Posted by: MandyS | November 19, 2010

Using Skype

What an exhilarating experience! I used Skype for the first time last night to discuss with my fellow ‘group A’rs’ what we are going to do for Activity 6.3, the collaborative activity. I say exhilarating because I feel I learnt so much both personally and in respect of the course.

Although the nature of my jobs may not suggest it, I am actually a very shy person. I am quite happy to be in a group, but rarely say anything and for some reason, go bright red when I do. It’s not that I don’t know what to say, I just feel embarrassed to say anything. I think it is because I feel that I am interrupting and that no one will be interested in any event. So far with this course, I have been able to hide behind the forum and the blog, so in that respect, last night was a real challenge for me. What I was worried about, I have no idea. What a great group of people! In some respects, I suppose I was more relaxed because it wasn’t face to face. I also realised that some of the others were finding it difficult. It took a while for us to actually discuss what we needed to and determine who was going to do what. It was interesting that there was a general reluctance for anyone to put themselves forward for tasks but I got the impression this was because none of us wanted to be seen to be ‘pushy’. The only difficulty I had, was when there was a discussion about ‘Storyboard’. I have no idea what this is and felt uncomfortable asking about it given the fact that everyone else seemed to know and I thought it would impinge on the time if it had to be explained to me. I was therefore lost in the discussion about its suitability and what it could be used for. In some respects the forum has the advantage in this situation because you can look it up when it is first raised and at least have a chance to enter into a discussion about it. Anyway, it is on my ‘to do’ list. What I did achieve though was being able to contribute and feel that what I had to say was relevant.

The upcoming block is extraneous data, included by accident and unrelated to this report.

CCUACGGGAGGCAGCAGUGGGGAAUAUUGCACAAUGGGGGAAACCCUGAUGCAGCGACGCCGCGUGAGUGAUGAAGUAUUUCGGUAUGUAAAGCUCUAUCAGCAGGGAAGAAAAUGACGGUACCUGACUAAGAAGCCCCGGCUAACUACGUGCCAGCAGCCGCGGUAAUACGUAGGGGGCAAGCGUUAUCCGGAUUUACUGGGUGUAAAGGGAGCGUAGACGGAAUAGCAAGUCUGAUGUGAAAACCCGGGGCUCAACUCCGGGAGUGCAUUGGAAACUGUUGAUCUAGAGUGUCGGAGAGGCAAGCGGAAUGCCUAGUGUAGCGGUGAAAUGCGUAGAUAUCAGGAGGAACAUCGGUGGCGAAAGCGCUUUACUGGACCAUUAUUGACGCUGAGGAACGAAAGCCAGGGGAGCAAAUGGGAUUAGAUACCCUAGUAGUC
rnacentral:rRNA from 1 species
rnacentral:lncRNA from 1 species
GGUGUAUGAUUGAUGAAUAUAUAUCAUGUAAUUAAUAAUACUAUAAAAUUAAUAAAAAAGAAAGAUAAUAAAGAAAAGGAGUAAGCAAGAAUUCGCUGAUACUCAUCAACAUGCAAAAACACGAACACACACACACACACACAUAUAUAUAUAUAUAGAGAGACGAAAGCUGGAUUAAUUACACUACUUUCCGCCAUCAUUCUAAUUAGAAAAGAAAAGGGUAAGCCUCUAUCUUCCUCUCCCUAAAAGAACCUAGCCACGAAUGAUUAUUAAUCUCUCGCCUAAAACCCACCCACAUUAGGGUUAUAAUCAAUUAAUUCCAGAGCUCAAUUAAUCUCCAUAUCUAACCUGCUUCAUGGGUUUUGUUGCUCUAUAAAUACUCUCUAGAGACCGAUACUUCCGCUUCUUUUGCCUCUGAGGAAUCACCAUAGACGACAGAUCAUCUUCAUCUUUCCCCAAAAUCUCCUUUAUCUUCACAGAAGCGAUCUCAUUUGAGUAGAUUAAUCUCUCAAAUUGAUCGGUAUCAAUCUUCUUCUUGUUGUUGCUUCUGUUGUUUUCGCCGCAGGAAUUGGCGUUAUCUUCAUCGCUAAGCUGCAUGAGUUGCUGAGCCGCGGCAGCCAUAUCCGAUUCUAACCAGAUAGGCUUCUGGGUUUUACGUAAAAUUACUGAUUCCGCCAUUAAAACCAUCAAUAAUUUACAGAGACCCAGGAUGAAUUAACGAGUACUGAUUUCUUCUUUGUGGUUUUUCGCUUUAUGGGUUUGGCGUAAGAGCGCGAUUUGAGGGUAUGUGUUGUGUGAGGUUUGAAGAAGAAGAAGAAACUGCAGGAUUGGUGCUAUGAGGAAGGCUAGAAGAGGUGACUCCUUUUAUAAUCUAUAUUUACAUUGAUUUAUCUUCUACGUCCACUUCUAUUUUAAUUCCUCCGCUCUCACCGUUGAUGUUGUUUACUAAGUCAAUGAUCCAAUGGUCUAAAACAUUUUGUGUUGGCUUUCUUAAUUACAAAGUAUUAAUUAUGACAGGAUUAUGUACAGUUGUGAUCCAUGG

Using Skype was relatively easy and I had no problems connecting or being heard. The only issue was that it was sometimes difficult to identify who was speaking and at times we were talking together so points were not heard. Unlike Ellumintate, there is no facility for only one person to speak at a time. However, this was the first ‘synchronous’ discussion and it is clearly a good way of communicating.  To me, this is because the issues can be identified and solutions talked about with a result or strategy being established straight away, rather than it lingering in the forum. The whole of the group were present, which was good, but I wonder whether it would have been the same had there only been a handful of us, especially in relation to the distribution of tasks. As far as the activity is concerned, we all know what we are doing and when we have to do it by. This is in comparison to the last collaborative activity where there was no real discussion about how we were going to do the activity; in some respects our group just did it.

Overall, I consider Skype to be an effective elearning tool. Personally, I have learned that I can chat comfortably with a complete group of strangers and not feel embarrassed. In respect of the course, the group has a way forward for the activity. I thoroughly enjoyed the experience and look forward to doing it again.


Leave a Reply

Fill in your details below or click an icon to log in: Logo

You are commenting using your account. Log Out /  Change )

Google+ photo

You are commenting using your Google+ account. Log Out /  Change )

Twitter picture

You are commenting using your Twitter account. Log Out /  Change )

Facebook photo

You are commenting using your Facebook account. Log Out /  Change )


Connecting to %s



Putting the MAODE into practice

Lawyer In The Making

Rebecca Morgan

Public Law for Everyone

Professor Mark Elliott

Paul Maharg

legal education :: technology :: rhetoric :: legal theory

The Ed Techie

My Journey through MAODE

Legal Verdict

Legal Commentary from The Open University Law School

%d bloggers like this: